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shawnhar

Girl Scout Badge for Pottery?

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I have been asked by a troop leader if i would teach a pottery class for a group of high school girl scouts, the equivalent of eagle scouts. It's for a specific badge/award. Have any of you done this before? I am a little hesitant since I just started in March and don't have the confidence of a seasoned potter, do I need to be? The studio I go to said I could do it there so logistics is not an issue (other than my day job might get in the way). I also could not find any pottery related info on the girl scouts website.

Thanks!

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The USA branch of the Boy Scouts is finally allowing girls to become Eagle Scouts, starting this year. Here’s the pottery badge requirements I found on their website.https://filestore.scouting.org/filestore/Merit_Badge_ReqandRes/Pottery.pdf

 

It seems like they want them to take a pretty nice beginner class that touches on all the basics. I would venture that if you feel that have a few gaps in your knowledge base, you could probably tap a friend to help fill them in, but it looks doable. 

Edited to add:

keep in mind that you know more about pottery than someone who’s never done it before.  There will always be someone that knows more than you do, and someone who knows less. Teaching others can help reinforce your own skills.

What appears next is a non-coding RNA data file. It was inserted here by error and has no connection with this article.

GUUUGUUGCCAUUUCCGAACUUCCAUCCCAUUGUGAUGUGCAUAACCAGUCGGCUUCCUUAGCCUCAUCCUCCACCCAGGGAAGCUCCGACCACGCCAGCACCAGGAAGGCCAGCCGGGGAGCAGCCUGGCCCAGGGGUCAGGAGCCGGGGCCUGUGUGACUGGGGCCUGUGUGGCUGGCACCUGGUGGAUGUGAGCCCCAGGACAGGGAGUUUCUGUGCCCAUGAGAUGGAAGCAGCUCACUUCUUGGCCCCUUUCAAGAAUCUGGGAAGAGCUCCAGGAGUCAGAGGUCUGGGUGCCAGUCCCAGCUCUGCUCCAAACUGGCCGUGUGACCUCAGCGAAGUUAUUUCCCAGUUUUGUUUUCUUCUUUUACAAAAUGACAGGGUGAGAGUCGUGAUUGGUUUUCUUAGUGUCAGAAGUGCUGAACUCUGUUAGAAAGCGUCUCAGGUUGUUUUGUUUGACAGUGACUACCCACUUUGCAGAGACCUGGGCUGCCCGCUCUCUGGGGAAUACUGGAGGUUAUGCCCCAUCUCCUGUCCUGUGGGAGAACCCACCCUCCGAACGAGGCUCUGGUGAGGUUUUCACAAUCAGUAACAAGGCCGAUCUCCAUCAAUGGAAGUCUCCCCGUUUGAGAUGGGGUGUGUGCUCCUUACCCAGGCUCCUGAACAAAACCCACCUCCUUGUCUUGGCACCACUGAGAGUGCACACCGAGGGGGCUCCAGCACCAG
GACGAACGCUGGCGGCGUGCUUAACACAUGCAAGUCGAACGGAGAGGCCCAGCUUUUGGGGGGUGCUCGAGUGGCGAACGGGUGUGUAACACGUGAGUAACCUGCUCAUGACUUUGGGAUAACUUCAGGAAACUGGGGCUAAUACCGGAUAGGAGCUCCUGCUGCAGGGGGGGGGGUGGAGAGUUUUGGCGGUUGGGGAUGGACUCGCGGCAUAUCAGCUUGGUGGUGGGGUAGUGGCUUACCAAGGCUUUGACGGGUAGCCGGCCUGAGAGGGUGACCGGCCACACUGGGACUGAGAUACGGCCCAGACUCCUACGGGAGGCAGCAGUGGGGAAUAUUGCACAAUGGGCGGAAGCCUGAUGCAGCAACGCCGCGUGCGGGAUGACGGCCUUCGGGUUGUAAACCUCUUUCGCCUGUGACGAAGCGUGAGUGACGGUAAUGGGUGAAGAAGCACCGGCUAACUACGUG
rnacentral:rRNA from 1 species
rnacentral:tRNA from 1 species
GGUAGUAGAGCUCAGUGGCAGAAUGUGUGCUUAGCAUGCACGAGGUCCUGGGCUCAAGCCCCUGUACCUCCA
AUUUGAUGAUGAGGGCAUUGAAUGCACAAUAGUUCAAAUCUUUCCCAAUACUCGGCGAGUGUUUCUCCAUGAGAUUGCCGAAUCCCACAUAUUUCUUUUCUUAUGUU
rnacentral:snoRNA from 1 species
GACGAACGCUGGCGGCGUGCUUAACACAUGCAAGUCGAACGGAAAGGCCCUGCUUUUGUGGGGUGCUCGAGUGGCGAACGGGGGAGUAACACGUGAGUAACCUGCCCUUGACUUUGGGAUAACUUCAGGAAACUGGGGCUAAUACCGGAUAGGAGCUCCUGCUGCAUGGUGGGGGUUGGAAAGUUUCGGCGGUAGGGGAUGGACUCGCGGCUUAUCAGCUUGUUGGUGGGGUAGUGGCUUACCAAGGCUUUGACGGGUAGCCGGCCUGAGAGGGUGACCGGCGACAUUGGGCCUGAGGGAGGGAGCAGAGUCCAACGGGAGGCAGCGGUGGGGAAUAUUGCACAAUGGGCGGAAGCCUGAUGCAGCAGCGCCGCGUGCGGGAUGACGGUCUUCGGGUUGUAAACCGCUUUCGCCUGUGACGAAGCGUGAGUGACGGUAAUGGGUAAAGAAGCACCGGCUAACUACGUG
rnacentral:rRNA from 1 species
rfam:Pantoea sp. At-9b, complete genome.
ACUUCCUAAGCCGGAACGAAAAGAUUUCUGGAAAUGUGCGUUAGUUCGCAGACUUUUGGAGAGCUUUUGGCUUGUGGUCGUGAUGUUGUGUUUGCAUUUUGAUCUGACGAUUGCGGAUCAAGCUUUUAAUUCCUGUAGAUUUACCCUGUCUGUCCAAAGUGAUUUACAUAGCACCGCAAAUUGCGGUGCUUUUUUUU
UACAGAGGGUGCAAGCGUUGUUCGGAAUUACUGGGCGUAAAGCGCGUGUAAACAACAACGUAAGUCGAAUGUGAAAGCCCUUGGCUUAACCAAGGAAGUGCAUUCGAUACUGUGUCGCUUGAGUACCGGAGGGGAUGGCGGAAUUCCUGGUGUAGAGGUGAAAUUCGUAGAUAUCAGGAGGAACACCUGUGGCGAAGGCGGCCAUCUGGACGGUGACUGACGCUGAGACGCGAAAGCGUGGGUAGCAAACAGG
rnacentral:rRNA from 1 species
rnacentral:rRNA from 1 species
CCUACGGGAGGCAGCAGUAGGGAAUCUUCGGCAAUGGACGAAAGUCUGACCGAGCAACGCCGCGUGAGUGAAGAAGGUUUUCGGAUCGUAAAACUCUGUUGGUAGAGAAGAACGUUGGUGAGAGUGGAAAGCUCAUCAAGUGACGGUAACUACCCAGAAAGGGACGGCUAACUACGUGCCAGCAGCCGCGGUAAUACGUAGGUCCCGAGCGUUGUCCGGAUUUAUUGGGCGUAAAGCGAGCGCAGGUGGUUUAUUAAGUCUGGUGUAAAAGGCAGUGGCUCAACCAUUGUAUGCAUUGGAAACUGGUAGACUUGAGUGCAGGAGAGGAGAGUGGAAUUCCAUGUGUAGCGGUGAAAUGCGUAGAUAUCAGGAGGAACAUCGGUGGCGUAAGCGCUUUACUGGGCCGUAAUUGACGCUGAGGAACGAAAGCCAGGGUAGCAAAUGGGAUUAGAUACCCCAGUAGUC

also added:

the Girl Scouts do have a pottery badge, but it’s for the Brownies, and the description seems like making a pinch pot might cover it. It might be a good idea to clarify with the troop leader what the requirements are. 

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Thanks Callie! That file was exactly what I was looking for, didn't think to look at the "boy" scouts site, lol. I am sure they are not looking to make a pinch pot, the more advanced project is what she is looking to do. 

One thing I found interesting was the "b. Tell how three different kinds of potter’s wheels work". That seems odd, hmmmm... electric, kick and.... what else is there? Is there some kind of wheel I am not aware of? 

I can handle most of the things listed in that doc except the sculptural part, and explaining what makes a good clay body for throwing vs. sculpture, other than more grog helps maintain shape/prevent cracking for sculpting, same principle behind why concrete with no aggregate will crack. (I assume)

 

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Just now, LeeU said:

Knew I'd find a repurpose for that  antique Singer sewing machine one of these days! :lol:

I want a treadle wheel, I just don't have room for one, they're HUGE

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4 hours ago, shawnhar said:

pottery class for a group of high school girl scouts, the equivalent of eagle scouts. It's for a specific badge/award

I was sure I had a pottery  badge,  so my nostalgia kicked in and I dragged out my Girl Scout sash fron the '50's-60's. Memory is a bit shot. See if you can find what I thought was pottery...hint...I finally remembered it was for basket making. Oh well! Gotta say, the old patches are way better looking than what they have today. If you get a copy of the new girl scout pottery badge, please post it-couldn't find it online. Hope you do provide the class-they will be very fortunate scouts!! I did a summer pottery class for an all-girls prep school/middle school years, when my daughter was there, and it was an absolute blast! 

1772556372_potterybadge.jpg.e6c26e2483aa3b35821438b6b8df9035.jpg

Edited by LeeU

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Ha! I just saw a video of that stick wheel with Shoji Hamada, yikes!